URL: https://openreview.net/forum?id=7gzQltQSwr


Title: No imputation without representation

Abstract: By filling in missing values in datasets, imputation allows these datasets to be used with algorithms that cannot handle missing values by themselves. However, missing values may in principle contribute useful information that is lost through imputation. The missing-indicator approach can be used in combination with imputation to instead represent this information as a part of the dataset. There are several theoretical considerations why missing-indicators may or may not be beneficial, but there has not been any large-scale practical experiment on real-life datasets to test this question for machine learning predictions. We perform this experiment for three imputation strategies and a range of different classification algorithms, on the basis of twenty real-life datasets. We find that on these datasets, missing-indicators generally increase classification performance. In addition, we find no evidence for most algorithms that nearest neighbour and iterative imputation lead to better performance than simple mean/mode imputation. Therefore, we recommend the use of missing-indicators with mean/mode imputation as a safe default, with the caveat that for decision trees, pruning is necessary to prevent overfitting. In a follow-up experiment, we determine attribute-specific missingness thresholds for each classifier above which missing-indicators are more likely than not to increase classification performance, and observe that these thresholds are much lower for categorical than for numerical attributes. Finally, we argue that mean imputation of numerical attributes may preserve some of the information from missing values, and we show that in the absence of missing-indicators, it can similarly be useful to apply mean imputation to one-hot encoded categorical attributes instead of mode imputation.

URL: https://openreview.net/forum?id=QmOESArhpp


Title: Incorporating Sum Constraints into Multitask Gaussian Processes

Abstract: Machine learning models can be improved by adapting them to respect existing background knowledge. In this paper we consider multitask Gaussian processes, with background knowledge in the form of constraints that require a specific sum of the outputs to be constant. This is achieved by conditioning the prior distribution on the constraint fulfillment. The approach allows for both linear and nonlinear constraints. We demonstrate that the constraints are fulfilled with high precision and that the construction can improve the overall prediction accuracy as compared to the standard Gaussian process.

URL: https://openreview.net/forum?id=gzu4ZbBY7S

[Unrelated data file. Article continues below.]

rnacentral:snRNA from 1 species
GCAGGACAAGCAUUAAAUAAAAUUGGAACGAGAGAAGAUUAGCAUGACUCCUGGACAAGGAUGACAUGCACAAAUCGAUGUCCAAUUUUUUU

Title: Unifying Approaches in Data Subset Selection via Fisher Information and Information-Theoretic Quantities

Abstract: The mutual information between predictions and model parameters---also referred to as expected information gain or BALD in machine learning---measures informativeness. It is a popular acquisition function in Bayesian active learning. In data subset selection, that is,
active learning and active sampling, several recent works use Fisher information, Hessians, similarity matrices based on the gradients, or simply the gradient lengths to compute the acquisition scores that guide sample selection. Are these different approaches connected,
and if so, how? In this paper, we revisit the Fisher information and use it to show how several otherwise disparate methods are connected as approximations of information-theoretic quantities known from earlier works in Bayesian optimal experiment design.

URL: https://openreview.net/forum?id=UVDAKQANOW


Title: Subgraph Permutation Equivariant Networks

Abstract: In this work we develop a new method, named Sub-graph Permutation Equivariant Networks (SPEN), which provides a framework for building graph neural networks that operate on sub-graphs, while using a base update function that is permutation equivariant, that are equivariant to a novel choice of automorphism group. Message passing neural networks have been shown to be limited in their expressive power and recent approaches to over come this either lack scalability or require structural information to be encoded into the feature space. The general framework presented here overcomes the scalability issues associated with global permutation equivariance by operating more locally on sub-graphs. In addition, through operating on sub-graphs the expressive power of higher-dimensional global permutation equivariant networks is improved; this is due to fact that two non-distinguishable graphs often contain distinguishable sub-graphs. Furthermore, the proposed framework only requires a choice of $k$-hops for creating ego-network sub-graphs and a choice of representation space to be used for each layer, which makes the method easily applicable across a range of graph based domains. We experimentally validate the method on a range of graph benchmark classification tasks, demonstrating statistically indistinguishable results from the state-of-the-art on six out of seven benchmarks. Further, we demonstrate that the use of local update functions offers a significant improvement in GPU memory over global methods.